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First thoughts: Back on the road

From Chuck Todd, Mark Murray, and Domenico Montanaro
*** Back on the road: With the Senate voting on the Nelson-Collins stimulus compromise at 5:30 pm ET today (it requires 60 votes to pass) and with the final Senate vote on the stimulus coming around noon tomorrow, President Obama returns to the campaign trail to help sell his plan. At 12:05 pm, he holds a town hall in Elkhart, Ind., where the unemployment rate has jumped up to 15.3%. After that, he travels back to the White House for his first primetime news conference as president, which will take place at 8:00 pm. And then tomorrow, he goes back on the road for another town hall, this one in Fort Myers, FL. Why is Obama hitting the trail? The New York Times has this nugget: "A collection of private and public polls, as well as focus groups convened by Democratic strategists, showed that the public's support for the economic recovery package was eroding as Republicans intensified their criticism of the plan. So advisers to the president told him he had no choice but to fire up Air Force One and return to a mode of campaigning that helped him win the presidency." By the way, per NBC's Athena Jones, here are the current and ex-lawmakers traveling with Obama to Indiana: Transportation Secretary Ray LaHood (R), Sen. Evan Bayh (D), Rep. Joe Donnelly (D), Rep. Baron Hill (D), Rep. Brad Ellsworth (D), Rep. Fred Upton (R), Rep. Andre Carson (D), former Rep. Tim Roemer (D), and former Rep. Lee Hamilton (D). The big omission: GOP Sen. Dick Lugar.  


Where's the eye of the tiger? As Obama hits the road today, political observers -- including some Democrats -- are asking themselves how the Obama White House and the Democratic committees allowed themselves to get worked over by the Republicans, much like Rocky got clobbered by Mr. T's Clubber Lang in their first fight after Rocky had become the champ. For instance, how did a Republican Party that had turned a budget surplus into a projected trillion-dollar deficit get away with becoming paragons of fiscal responsibility? "I can't believe we got lectured by Republicans on fiscal policy," one Democratic strategist told First Read. How did the party, when the RNC was blasting out emails about Hilda Solis' husband's tax problems, not aggressively fire back that the wife of the GOP presidential nominee also failed to pay back taxes? And why didn't the party pounce on NRCC chairman Pete Sessions comparing the Republican Party's insurgency to the Taliban's? "I don't get it," griped another Democrat. Time for Apollo Creed to help the champ get his mojo back?

Video: Obama takes his policies to the public, in his first prime-time news conference. NBC's Chuck Todd reports.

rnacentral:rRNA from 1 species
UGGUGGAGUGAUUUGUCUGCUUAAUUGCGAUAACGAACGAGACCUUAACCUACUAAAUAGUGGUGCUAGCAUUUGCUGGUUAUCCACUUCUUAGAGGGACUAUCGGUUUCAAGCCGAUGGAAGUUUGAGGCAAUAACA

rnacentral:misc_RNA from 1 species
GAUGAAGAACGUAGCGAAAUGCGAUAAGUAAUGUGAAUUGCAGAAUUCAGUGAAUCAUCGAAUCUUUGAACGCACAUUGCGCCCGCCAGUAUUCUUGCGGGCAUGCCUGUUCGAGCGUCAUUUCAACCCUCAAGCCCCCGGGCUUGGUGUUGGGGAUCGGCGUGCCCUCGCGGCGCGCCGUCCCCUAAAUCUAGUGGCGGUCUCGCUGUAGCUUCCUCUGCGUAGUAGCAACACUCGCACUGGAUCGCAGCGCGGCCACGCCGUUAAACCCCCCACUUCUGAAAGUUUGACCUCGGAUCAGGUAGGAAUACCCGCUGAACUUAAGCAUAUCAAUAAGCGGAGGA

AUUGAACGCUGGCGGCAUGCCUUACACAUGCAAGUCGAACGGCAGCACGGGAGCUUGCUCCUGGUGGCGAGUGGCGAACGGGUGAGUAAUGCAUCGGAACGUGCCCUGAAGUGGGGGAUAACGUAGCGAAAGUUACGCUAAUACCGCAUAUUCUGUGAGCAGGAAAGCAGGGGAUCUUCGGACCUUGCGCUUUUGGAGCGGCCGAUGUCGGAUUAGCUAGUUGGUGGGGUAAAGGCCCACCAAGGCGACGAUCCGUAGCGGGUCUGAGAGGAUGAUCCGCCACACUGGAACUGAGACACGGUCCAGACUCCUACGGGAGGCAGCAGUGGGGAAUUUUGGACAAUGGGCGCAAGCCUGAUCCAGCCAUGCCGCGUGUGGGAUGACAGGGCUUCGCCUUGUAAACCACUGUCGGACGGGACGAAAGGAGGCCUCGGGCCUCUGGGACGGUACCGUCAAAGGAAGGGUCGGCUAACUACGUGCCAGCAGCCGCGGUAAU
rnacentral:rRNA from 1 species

*** Hyperbole watch: While the Republicans certainly have bruised Obama during this stimulus debate, much of their rhetoric seems pretty overheated, no? "We're going down a road to disaster," said Sen. Richard C. Shelby. Then there's this line, courtesy of the Washington Post, from RNC chairman Michael Steele: "You and I know that in the history of mankind and womankind, government -- federal, state or local -- has never created one job. It's destroyed a lot of them." Huh? And John McCain called the stimulus "generational theft." Republicans might be concerned that the stimulus' price tag is too high, but has some of their rhetoric gone a bit too far? Most mainstream economists, as well as anyone who took Macroeconomics 101 in college, doesn't view demand-side spending -- especially with the specter of deflation looming -- as a "disaster" or "generational theft." Also, just askin': With Obama's aggressive courtship of Republicans (meeting with them in private, having them over to the White House for cocktails, appointing three of them to his cabinet), did anyone think that just three Republicans (Collins, Snowe, Specter) out of 219 GOP senators and congressman would so far support the stimulus? 

*** Another short honeymoon? Speaking of Michael Steele, the new RNC chairman might end up having a short honeymoon. Over the weekend, the Washington Post first reported that Steele's 2006 Senate campaign gave his sister's company more than $37,000, months after that company became defunct. "Campaign records indicate that $37,262 paid to Brown Sugar Unlimited covered catering and Web services. But it came 11 months after [Steele's sister] … had legally dissolved the company… On Friday, a spokesman for Steele provided a receipt for catering costs totaling almost $15,000 for two events, about half the total. The spokesman said they were searching for receipts to document the rest." 

*** TARP II, delayed a day: Trying to keep today's focus on the stimulus, the Treasury Department announced yesterday that it would delay the release of the administration's financial stabilization plan until Tuesday. Given this delay, expect a lot more leaks today about what Geithner might unveil tomorrow. One piece of good news for those in Congress: It appears that Obama and Geithner will NOT be immediately asking for more money; in fact, private money will play more of a role than was rumored a few weeks ago. "Administration officials said the plan … was likely to depend in part on the willingness of private investors other than banks -- like hedge funds, private equity funds and perhaps even insurance companies -- to buy the contaminating assets that wiped out the capital of many banks," the Times writes. 

Countdown to NJ GOP primary: 113 days
Countdown to VA Dem primary: 120 days
Countdown to Election Day 2009: 267 days
Countdown to Election Day 2010: 631 days

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